This article or tutorial is a work in progress and is still being worked on by other users. Give it some time to mature.

JavaScript is the premier client-side scripting language used on the Internet. It can do a plethora of things ranging from the validation of form data to the creation of complex user interfaces. JavaScript is the language for HTML, for the Internet, for computers, servers, laptops, tablets, smartphones, and more.

JavaScript is the interactive member of the triangle of Web technologies, along with HTML and CSS, and can be used to dynamically manipulate the content, markup, and style of Web pages.

Hello JavaScript World

The first JavaScript example we will use is the standard "Hello World" example. We use JavaScript to write the string "Hello JavaScript World" into a simple HTML document:

<!DOCTYPE html>
  <meta charset="UTF-8">
  <title>Hello JavaScript World</title>
<h1>My First JavaScript</h1>
<hr />
  document.write("Hello JavaScript World!");

Take note of how the script is included directly into the markup using the <script> element, which encloses the following one-line script:

document.write("Hello JavaScript World!");

In HTML, you can copy the source code above in <script></script> elements. By doing so, the browser can differentiate between what is HTML and what is JavaScript or normal text.

Hello World Errors

Adding JavaScript to HTML Documents

There are four ways to include script in an HTML document:

  • Within the <script> element
  • Within an HTML event handler attribute such as onclick
  • As a linked file referenced using the src attribute of the <script> element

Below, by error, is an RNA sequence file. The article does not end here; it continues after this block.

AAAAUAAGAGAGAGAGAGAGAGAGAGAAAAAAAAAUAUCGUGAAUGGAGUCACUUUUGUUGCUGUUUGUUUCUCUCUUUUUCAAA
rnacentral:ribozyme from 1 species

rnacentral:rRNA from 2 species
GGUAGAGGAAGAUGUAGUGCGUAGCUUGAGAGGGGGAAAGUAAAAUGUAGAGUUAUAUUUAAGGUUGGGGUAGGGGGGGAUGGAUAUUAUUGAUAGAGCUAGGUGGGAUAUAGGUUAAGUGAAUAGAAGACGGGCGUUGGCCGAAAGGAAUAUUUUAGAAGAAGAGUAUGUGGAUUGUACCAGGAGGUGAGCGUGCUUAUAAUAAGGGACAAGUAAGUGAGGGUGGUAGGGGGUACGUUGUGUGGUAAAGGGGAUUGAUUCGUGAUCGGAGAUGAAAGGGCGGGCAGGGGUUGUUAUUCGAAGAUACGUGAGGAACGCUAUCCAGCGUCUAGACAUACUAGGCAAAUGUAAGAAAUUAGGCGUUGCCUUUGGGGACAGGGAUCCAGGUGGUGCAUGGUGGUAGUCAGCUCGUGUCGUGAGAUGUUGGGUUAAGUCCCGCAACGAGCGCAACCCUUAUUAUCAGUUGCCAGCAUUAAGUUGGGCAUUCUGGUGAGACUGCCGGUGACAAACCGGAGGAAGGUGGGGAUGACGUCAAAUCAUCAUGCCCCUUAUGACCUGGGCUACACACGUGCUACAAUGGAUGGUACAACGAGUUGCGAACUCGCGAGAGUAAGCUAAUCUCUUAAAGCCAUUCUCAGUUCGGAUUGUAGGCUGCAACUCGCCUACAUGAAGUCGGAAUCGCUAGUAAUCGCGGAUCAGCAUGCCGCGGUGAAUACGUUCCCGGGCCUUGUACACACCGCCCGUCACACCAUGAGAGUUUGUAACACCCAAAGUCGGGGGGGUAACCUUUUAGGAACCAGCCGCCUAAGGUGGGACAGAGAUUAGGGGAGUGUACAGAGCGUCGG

• Using the pseudo-URL javascript: syntax within some link

The <script> Element

The primary and most commonly used method for including JavaScript within HTML or XHTML is the <script> element. A script-aware browser assumes that all text within the <script> element is to treated as some form of a scripting language; in the case with the common browsers, this scripting language is JavaScript.

  alert("This is JavaScript");

However, it is possible for the browser to support other scripting languages. For instance, the Internet Explorer family of browsers natively supports VBScript.

The language Attribute

The traditional, albeit nonstandard, way to indicate the scripting language being used is to specify the language attribute for the tag, like so:

<script language="JavaScript">
  alert("This is JavaScript");

However, what follows is an example of how to indicate that VBScript is in use:

<script language="VBS">
  msgBox "This is VBScript"

The type Attribute

However, according to the W3C HTML syntax, the language attribute is not safe. Instead, the type attribute should be set to indicate the MIME type of the language in use. Some examples of JavaScript MIME types include:

  • text/javascript
  • application/javascript
  • application/x-javascript
  • text/ecmascript
  • application/ecmascript

For safety reasons, users are to use solely the text/javascript MIME type, as it is cross-browser compatible:

<script type="text/javascript">
  alert("This is JavaScript");

However, VBScript can also be specified, as is the case here:

<script type="text/vbscript">

Using the <script> Element

Script in the <head>

Event Handlers

Linked Scripts

Linked Script Consideration

JavaScript Pseudo-URL

JavaScript Usage Considerations

Script Masking

The <noscript> Element

Language Versions